Trip report: Serious Play 2014

Last week, I attended the Serious Play 2014 conference in Los Angeles. I measure the value of any conference by how energized I felt at the end, and boy howdy, was I fired up by the last session. Not only were there many top-notch presentations, but the conversations between and after the official sessions were very interesting. A few of the most intriguing conversations included…

  • Why the boom, over the last few years, of medical games?
  • Are we pursuing a too-narrow approach to serious games for education?
  • Have we put the technology discussions in proper perspective?
  • To what extent do serious games need to be ongoing activities, requiring continued development, to succeed?
  • Have we overdone the in-game rewards too much?
  • What are the metrics that we should collect about game play, and what impact should we expect them to have?

My own humble offering among the presentations, was a hymn to game development. I think the game design questions are important, but design only takes you so far. Serious games have big (dare we say, serious?) ambitions, which means that design, the fine art of creating an experience for people playing the game, can only take you so far. Game development, which entails critical decisions beyond the current design, such as whether we’re designing the right type of game in the first place, deserves far more attention.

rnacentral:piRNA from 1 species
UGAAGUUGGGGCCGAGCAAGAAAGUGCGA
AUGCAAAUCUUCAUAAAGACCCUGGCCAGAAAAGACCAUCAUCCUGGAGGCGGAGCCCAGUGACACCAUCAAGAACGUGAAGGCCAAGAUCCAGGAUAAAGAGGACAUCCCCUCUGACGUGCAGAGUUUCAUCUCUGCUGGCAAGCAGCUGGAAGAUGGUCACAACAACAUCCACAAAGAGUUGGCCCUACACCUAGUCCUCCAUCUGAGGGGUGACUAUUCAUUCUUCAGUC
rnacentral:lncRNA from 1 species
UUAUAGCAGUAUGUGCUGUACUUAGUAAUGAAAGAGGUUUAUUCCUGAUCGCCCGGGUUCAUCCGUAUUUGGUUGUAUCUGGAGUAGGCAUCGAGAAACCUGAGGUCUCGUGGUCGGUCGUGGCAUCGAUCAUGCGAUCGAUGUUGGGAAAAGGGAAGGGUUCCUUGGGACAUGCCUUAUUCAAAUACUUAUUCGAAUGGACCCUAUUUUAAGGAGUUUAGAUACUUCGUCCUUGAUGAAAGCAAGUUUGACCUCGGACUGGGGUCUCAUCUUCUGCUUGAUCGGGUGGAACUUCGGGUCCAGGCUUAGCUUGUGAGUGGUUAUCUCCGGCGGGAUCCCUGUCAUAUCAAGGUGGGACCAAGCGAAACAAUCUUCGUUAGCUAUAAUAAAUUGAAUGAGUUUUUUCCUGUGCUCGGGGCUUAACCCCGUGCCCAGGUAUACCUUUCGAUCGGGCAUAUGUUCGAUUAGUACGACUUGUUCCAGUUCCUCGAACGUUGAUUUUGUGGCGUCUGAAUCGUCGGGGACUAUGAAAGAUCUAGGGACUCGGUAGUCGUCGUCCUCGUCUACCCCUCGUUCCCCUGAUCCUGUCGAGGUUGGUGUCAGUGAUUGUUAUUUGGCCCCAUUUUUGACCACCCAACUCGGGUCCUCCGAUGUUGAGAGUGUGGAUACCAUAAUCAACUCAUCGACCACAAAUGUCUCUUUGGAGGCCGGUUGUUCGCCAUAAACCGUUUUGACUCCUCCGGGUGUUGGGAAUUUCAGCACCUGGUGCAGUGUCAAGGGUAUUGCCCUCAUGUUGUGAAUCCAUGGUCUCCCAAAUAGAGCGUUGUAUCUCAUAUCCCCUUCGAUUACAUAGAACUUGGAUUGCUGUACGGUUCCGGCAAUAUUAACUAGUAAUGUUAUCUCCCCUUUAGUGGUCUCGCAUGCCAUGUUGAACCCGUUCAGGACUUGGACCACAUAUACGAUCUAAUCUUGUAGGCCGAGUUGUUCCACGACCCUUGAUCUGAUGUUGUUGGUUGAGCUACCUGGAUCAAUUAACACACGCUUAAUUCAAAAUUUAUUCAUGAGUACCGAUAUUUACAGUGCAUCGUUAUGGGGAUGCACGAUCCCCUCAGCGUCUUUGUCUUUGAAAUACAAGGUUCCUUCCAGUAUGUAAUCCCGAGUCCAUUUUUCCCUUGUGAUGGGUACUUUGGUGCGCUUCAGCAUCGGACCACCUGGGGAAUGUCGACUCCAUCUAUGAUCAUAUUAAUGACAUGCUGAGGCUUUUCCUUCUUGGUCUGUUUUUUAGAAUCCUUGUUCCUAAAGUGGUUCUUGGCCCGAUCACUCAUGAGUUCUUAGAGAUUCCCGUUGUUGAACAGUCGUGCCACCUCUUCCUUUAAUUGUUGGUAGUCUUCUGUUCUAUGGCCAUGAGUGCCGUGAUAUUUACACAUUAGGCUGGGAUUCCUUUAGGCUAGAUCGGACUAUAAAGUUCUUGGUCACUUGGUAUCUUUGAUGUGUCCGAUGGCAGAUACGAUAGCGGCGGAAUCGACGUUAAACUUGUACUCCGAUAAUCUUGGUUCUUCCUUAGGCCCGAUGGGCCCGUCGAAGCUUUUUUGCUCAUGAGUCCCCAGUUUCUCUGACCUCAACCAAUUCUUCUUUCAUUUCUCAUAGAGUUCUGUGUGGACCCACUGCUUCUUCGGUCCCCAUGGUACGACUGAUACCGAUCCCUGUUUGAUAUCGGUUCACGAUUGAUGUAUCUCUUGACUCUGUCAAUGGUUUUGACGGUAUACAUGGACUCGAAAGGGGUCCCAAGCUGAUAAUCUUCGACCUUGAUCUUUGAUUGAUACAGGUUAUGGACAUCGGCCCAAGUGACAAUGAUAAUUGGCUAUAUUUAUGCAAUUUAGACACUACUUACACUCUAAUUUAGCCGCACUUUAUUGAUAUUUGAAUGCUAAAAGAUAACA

You can see my slides here (also embedded below), and listen to a recorded version of the presentation here. I struggled through the writing of this presentation, since it was the first time I had articulated a lot of the thoughts in it. They all fit together, but I packed too much into it, as evidenced by the 75 minute playing time for the recorded version. Still, it won’t be the last time I’ll be talking about these issues, so I had to start somewhere.
A major point near the end of the presentation is the importance of feedback loops in serious game design and development. In that spirit, I’d love to hear your feedback. Drop me a line at if you have any suggestions, praise, or denunciations you wish to share.


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